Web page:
There’s no let up in theatrical activity as we approach Christmas, with a series of repeats, reprises and returns around town, including the first London revival of Cats since the original production ended a 21-year run in 2002, the RSC heading back to the Barbican, another RSC show transferring (belatedly) to the Almeida, Nina Raine’s Tiger Country back at Hampstead, and a new production for the Broadway musical City of Angels – previously produced in the West End in 1993 – among the highlights.
Henry IV Parts 1 and 2 – Barbican, London
The RSC hasn’t had a permanent London home since it formally withdrew from the Barbican in 2002. But while the Barbican has come to thrive in the years since as an international theatre and dance centre, the RSC has struggled to put down roots anywhere beyond its Stratford-upon-Avon home, so it is interesting to see the company go full circle to become a visiting company at the Barbican again. After last year’s sell-out season of David Tennant’s Richard II, it now transfers its double-bill of Henry IV Parts 1 and 2 to the venue, opening on December 11 with Antony Sher starring as Falstaff, Jasper Britton as Henry IV, Alex Hassell as Prince Hal and Paolo Dionisotti as Mistress Quickly in RSC artistic director Gregory Doran’s productions.
The Merchant of Venice – Almeida Theatre, London
The lack of a proper London home meant that Rupert Goold’s 2011 RSC production of The Merchant of Venice has never played in the capital, but now that Goold is in charge of his own theatre, the Almeida, he is reviving it from December 15 at the venue.The cast is led by former Almeida supremo Ian McDiarmid as Shylock, replacing Patrick Stewart who played the part in Stratford, and Susannah Fielding returns as Portia.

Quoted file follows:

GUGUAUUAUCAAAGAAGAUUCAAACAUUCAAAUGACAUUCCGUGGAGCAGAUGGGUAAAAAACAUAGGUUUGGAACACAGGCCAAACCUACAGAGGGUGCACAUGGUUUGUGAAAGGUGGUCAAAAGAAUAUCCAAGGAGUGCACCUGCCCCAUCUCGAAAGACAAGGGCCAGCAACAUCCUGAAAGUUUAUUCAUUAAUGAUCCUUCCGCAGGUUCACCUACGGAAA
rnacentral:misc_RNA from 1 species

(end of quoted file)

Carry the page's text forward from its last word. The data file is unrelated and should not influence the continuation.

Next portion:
Cats – London Palladium
Meanwhile Cats — originally directed by Trevor Nunn when he was still at the helm of the RSC — returns to London, this time to the London Palladium rather than the New London where it originated, opening December 11. Nunn, original choreographer Gillian Lynne and designer John Napier regroup to recreate it, with American pop and stage singer Nicole Scherzinger — a member of The Pussycat Dolls — playing another famous pussycat, Grizabella.
City of Angels – Donmar Warehouse, London
At the Donmar Warehouse, Josie Rourke directs a new production of the 1989 Broadway musical City of Angels that won the 1990 Tony for best musical. Written by Cy Coleman, David Zippel and Larry Gelbart, its original West End transfer from Broadway to the Prince of Wales ran for just eight months, but won the Olivier Award for best musical. Now it fields a stellar company led by Hadley Fraser, Rosalie Craig, Samantha Barks and Rebecca Trehearn. Although the run is entirely sold out, £10 Barclays Front Row seats are released at 10am every Monday for performances two weeks ahead.
Tiger Country – Hampstead Theatre, London
Nina Raine’s Tiger Country about life on the frontline of the NHS, returns to its original London home, opening on December 15, newly starring Indira Varma and also featuring Tricia Kelly, Jenny Galloway, Shaun Parkes and Luke Thompson.
Elephants – Hampstead Downstairs, London